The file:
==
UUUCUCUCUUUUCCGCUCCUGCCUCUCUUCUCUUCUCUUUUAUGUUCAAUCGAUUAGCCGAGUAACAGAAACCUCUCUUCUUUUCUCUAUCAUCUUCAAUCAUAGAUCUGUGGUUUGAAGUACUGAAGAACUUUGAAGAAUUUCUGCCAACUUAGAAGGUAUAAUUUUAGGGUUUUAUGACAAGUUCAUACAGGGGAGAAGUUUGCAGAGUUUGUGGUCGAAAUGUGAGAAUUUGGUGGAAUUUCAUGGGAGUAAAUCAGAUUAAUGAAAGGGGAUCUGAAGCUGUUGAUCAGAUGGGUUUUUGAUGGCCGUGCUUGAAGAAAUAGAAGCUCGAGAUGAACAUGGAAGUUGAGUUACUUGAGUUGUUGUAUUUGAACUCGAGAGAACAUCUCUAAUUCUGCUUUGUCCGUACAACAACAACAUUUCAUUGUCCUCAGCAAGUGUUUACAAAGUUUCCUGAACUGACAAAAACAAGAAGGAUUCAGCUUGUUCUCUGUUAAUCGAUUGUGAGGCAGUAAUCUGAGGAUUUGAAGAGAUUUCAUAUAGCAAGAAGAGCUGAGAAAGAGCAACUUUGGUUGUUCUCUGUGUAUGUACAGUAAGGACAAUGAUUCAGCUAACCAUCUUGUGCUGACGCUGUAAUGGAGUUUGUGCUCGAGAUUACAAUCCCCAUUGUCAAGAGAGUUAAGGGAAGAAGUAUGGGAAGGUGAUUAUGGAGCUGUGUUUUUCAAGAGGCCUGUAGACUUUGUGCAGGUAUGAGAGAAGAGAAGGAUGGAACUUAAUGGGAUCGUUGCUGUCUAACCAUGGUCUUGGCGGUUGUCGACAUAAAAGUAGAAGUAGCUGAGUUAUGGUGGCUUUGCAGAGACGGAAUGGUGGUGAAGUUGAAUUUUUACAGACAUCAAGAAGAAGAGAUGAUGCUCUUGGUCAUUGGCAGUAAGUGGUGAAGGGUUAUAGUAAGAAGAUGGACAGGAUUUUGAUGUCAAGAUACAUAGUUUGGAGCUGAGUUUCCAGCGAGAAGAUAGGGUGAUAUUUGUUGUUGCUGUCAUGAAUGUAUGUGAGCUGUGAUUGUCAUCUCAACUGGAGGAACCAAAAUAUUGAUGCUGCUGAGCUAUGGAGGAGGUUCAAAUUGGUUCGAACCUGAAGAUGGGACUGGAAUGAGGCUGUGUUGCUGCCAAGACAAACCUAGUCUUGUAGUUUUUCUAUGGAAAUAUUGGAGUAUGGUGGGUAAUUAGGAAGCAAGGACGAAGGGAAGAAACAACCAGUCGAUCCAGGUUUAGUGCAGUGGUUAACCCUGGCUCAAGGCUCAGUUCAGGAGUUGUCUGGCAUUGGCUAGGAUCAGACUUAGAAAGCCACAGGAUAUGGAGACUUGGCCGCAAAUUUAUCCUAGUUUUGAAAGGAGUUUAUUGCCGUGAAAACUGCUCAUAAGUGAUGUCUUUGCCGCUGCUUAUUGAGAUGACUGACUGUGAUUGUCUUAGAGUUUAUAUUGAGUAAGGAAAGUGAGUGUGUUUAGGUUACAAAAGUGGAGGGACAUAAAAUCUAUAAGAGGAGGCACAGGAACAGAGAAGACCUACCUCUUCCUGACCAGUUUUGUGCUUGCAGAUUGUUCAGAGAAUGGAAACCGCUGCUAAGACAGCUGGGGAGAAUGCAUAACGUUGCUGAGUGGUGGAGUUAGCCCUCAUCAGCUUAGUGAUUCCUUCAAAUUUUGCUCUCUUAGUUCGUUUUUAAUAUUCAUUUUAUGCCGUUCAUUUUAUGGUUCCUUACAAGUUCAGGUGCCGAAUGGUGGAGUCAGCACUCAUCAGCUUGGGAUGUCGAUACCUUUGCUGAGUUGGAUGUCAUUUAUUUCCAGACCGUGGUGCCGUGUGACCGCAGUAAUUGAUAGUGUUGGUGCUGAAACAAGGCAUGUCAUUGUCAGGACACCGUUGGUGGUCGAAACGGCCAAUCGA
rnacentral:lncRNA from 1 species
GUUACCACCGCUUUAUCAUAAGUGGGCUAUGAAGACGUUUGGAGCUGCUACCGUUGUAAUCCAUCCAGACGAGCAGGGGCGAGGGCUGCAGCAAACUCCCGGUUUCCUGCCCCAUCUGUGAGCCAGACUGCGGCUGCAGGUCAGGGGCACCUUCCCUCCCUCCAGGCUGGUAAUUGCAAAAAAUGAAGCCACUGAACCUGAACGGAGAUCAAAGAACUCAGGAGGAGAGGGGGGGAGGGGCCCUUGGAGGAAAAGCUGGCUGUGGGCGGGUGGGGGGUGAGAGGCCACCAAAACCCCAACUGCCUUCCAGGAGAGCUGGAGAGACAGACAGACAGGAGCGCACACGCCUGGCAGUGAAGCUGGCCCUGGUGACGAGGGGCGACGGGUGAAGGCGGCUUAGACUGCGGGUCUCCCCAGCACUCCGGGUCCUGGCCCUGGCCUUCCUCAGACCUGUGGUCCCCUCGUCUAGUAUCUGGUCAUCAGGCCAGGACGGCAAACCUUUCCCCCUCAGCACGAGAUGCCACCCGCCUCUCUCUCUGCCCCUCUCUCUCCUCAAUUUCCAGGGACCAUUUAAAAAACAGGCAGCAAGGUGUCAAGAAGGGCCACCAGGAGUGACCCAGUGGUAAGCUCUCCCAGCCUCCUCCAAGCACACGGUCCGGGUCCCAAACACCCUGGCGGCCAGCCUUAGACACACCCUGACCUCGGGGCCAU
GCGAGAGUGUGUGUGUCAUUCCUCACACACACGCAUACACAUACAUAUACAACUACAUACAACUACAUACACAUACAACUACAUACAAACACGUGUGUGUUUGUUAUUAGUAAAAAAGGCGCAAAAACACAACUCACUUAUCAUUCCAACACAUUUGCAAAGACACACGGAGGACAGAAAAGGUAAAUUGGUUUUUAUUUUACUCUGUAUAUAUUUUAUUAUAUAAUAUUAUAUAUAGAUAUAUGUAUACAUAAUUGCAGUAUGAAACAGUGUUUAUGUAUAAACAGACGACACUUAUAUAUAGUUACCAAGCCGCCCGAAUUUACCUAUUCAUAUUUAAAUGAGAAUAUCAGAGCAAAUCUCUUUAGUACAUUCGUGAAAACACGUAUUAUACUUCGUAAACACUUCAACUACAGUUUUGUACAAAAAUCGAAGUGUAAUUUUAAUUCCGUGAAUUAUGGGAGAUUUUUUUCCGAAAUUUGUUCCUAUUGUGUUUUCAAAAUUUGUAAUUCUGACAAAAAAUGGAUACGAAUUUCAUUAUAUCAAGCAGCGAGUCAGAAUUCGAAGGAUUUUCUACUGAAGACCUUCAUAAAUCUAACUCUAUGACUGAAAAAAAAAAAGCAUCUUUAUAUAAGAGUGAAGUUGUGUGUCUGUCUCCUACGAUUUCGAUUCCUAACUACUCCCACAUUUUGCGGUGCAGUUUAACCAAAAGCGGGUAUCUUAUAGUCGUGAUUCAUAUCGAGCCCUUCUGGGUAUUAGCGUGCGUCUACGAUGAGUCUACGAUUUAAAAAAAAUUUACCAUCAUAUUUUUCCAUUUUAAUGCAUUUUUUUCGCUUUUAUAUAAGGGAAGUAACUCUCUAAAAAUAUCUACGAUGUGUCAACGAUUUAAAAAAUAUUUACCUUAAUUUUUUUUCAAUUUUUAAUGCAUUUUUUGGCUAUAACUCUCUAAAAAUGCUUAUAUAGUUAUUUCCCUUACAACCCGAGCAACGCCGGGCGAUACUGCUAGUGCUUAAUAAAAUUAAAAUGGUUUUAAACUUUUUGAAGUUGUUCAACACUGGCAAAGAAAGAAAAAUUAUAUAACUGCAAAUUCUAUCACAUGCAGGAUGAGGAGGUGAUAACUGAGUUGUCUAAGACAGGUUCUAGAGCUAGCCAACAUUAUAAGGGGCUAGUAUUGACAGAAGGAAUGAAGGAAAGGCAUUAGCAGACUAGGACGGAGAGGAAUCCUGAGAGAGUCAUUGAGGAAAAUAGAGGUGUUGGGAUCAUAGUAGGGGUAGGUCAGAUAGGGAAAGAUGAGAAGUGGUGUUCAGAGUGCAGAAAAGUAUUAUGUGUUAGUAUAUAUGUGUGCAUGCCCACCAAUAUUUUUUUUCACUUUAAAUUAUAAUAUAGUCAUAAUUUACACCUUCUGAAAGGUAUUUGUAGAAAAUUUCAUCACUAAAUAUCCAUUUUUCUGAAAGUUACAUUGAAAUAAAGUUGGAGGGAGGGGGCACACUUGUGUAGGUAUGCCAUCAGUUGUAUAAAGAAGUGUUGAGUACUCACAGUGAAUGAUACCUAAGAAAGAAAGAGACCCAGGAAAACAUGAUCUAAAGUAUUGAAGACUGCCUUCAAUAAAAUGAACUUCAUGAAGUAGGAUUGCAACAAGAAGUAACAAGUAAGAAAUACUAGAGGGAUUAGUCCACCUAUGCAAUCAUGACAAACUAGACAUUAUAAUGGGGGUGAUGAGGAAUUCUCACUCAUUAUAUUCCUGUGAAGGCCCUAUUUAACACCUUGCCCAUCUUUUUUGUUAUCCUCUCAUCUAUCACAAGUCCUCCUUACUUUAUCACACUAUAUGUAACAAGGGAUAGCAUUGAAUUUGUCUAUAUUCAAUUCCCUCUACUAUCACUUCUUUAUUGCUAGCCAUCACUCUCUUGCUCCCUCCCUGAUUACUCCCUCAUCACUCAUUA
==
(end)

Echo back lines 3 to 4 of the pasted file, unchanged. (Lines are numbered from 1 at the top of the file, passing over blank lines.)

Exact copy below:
GUUACCACCGCUUUAUCAUAAGUGGGCUAUGAAGACGUUUGGAGCUGCUACCGUUGUAAUCCAUCCAGACGAGCAGGGGCGAGGGCUGCAGCAAACUCCCGGUUUCCUGCCCCAUCUGUGAGCCAGACUGCGGCUGCAGGUCAGGGGCACCUUCCCUCCCUCCAGGCUGGUAAUUGCAAAAAAUGAAGCCACUGAACCUGAACGGAGAUCAAAGAACUCAGGAGGAGAGGGGGGGAGGGGCCCUUGGAGGAAAAGCUGGCUGUGGGCGGGUGGGGGGUGAGAGGCCACCAAAACCCCAACUGCCUUCCAGGAGAGCUGGAGAGACAGACAGACAGGAGCGCACACGCCUGGCAGUGAAGCUGGCCCUGGUGACGAGGGGCGACGGGUGAAGGCGGCUUAGACUGCGGGUCUCCCCAGCACUCCGGGUCCUGGCCCUGGCCUUCCUCAGACCUGUGGUCCCCUCGUCUAGUAUCUGGUCAUCAGGCCAGGACGGCAAACCUUUCCCCCUCAGCACGAGAUGCCACCCGCCUCUCUCUCUGCCCCUCUCUCUCCUCAAUUUCCAGGGACCAUUUAAAAAACAGGCAGCAAGGUGUCAAGAAGGGCCACCAGGAGUGACCCAGUGGUAAGCUCUCCCAGCCUCCUCCAAGCACACGGUCCGGGUCCCAAACACCCUGGCGGCCAGCCUUAGACACACCCUGACCUCGGGGCCAU
GCGAGAGUGUGUGUGUCAUUCCUCACACACACGCAUACACAUACAUAUACAACUACAUACAACUACAUACACAUACAACUACAUACAAACACGUGUGUGUUUGUUAUUAGUAAAAAAGGCGCAAAAACACAACUCACUUAUCAUUCCAACACAUUUGCAAAGACACACGGAGGACAGAAAAGGUAAAUUGGUUUUUAUUUUACUCUGUAUAUAUUUUAUUAUAUAAUAUUAUAUAUAGAUAUAUGUAUACAUAAUUGCAGUAUGAAACAGUGUUUAUGUAUAAACAGACGACACUUAUAUAUAGUUACCAAGCCGCCCGAAUUUACCUAUUCAUAUUUAAAUGAGAAUAUCAGAGCAAAUCUCUUUAGUACAUUCGUGAAAACACGUAUUAUACUUCGUAAACACUUCAACUACAGUUUUGUACAAAAAUCGAAGUGUAAUUUUAAUUCCGUGAAUUAUGGGAGAUUUUUUUCCGAAAUUUGUUCCUAUUGUGUUUUCAAAAUUUGUAAUUCUGACAAAAAAUGGAUACGAAUUUCAUUAUAUCAAGCAGCGAGUCAGAAUUCGAAGGAUUUUCUACUGAAGACCUUCAUAAAUCUAACUCUAUGACUGAAAAAAAAAAAGCAUCUUUAUAUAAGAGUGAAGUUGUGUGUCUGUCUCCUACGAUUUCGAUUCCUAACUACUCCCACAUUUUGCGGUGCAGUUUAACCAAAAGCGGGUAUCUUAUAGUCGUGAUUCAUAUCGAGCCCUUCUGGGUAUUAGCGUGCGUCUACGAUGAGUCUACGAUUUAAAAAAAAUUUACCAUCAUAUUUUUCCAUUUUAAUGCAUUUUUUUCGCUUUUAUAUAAGGGAAGUAACUCUCUAAAAAUAUCUACGAUGUGUCAACGAUUUAAAAAAUAUUUACCUUAAUUUUUUUUCAAUUUUUAAUGCAUUUUUUGGCUAUAACUCUCUAAAAAUGCUUAUAUAGUUAUUUCCCUUACAACCCGAGCAACGCCGGGCGAUACUGCUAGUGCUUAAUAAAAUUAAAAUGGUUUUAAACUUUUUGAAGUUGUUCAACACUGGCAAAGAAAGAAAAAUUAUAUAACUGCAAAUUCUAUCACAUGCAGGAUGAGGAGGUGAUAACUGAGUUGUCUAAGACAGGUUCUAGAGCUAGCCAACAUUAUAAGGGGCUAGUAUUGACAGAAGGAAUGAAGGAAAGGCAUUAGCAGACUAGGACGGAGAGGAAUCCUGAGAGAGUCAUUGAGGAAAAUAGAGGUGUUGGGAUCAUAGUAGGGGUAGGUCAGAUAGGGAAAGAUGAGAAGUGGUGUUCAGAGUGCAGAAAAGUAUUAUGUGUUAGUAUAUAUGUGUGCAUGCCCACCAAUAUUUUUUUUCACUUUAAAUUAUAAUAUAGUCAUAAUUUACACCUUCUGAAAGGUAUUUGUAGAAAAUUUCAUCACUAAAUAUCCAUUUUUCUGAAAGUUACAUUGAAAUAAAGUUGGAGGGAGGGGGCACACUUGUGUAGGUAUGCCAUCAGUUGUAUAAAGAAGUGUUGAGUACUCACAGUGAAUGAUACCUAAGAAAGAAAGAGACCCAGGAAAACAUGAUCUAAAGUAUUGAAGACUGCCUUCAAUAAAAUGAACUUCAUGAAGUAGGAUUGCAACAAGAAGUAACAAGUAAGAAAUACUAGAGGGAUUAGUCCACCUAUGCAAUCAUGACAAACUAGACAUUAUAAUGGGGGUGAUGAGGAAUUCUCACUCAUUAUAUUCCUGUGAAGGCCCUAUUUAACACCUUGCCCAUCUUUUUUGUUAUCCUCUCAUCUAUCACAAGUCCUCCUUACUUUAUCACACUAUAUGUAACAAGGGAUAGCAUUGAAUUUGUCUAUAUUCAAUUCCCUCUACUAUCACUUCUUUAUUGCUAGCCAUCACUCUCUUGCUCCCUCCCUGAUUACUCCCUCAUCACUCAUUA